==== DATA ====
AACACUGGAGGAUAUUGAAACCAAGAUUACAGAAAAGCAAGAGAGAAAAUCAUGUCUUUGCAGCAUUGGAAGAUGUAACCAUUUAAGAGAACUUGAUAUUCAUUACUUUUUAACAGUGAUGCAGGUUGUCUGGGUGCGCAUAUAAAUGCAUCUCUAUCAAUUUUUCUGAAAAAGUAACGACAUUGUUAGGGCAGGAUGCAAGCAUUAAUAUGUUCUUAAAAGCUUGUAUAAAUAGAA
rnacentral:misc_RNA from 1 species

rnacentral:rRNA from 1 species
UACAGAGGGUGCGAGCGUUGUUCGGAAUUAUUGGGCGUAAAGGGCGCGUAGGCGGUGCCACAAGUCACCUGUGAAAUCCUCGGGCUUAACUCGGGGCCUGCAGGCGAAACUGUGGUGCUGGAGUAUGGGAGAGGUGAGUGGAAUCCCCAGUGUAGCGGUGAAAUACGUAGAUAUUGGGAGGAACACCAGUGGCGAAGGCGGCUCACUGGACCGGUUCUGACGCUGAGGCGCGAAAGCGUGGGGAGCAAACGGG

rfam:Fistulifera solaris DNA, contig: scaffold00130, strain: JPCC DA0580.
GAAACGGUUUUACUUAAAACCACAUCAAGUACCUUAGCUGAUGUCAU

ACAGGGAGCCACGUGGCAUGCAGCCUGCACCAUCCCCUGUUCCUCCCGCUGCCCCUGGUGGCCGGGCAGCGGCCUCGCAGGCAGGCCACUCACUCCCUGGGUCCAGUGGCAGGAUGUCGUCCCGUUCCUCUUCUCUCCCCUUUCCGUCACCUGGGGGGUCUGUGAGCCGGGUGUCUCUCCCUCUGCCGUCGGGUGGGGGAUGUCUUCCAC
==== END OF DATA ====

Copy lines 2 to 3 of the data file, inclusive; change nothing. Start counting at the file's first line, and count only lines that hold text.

rnacentral:misc_RNA from 1 species

rnacentral:rRNA from 1 species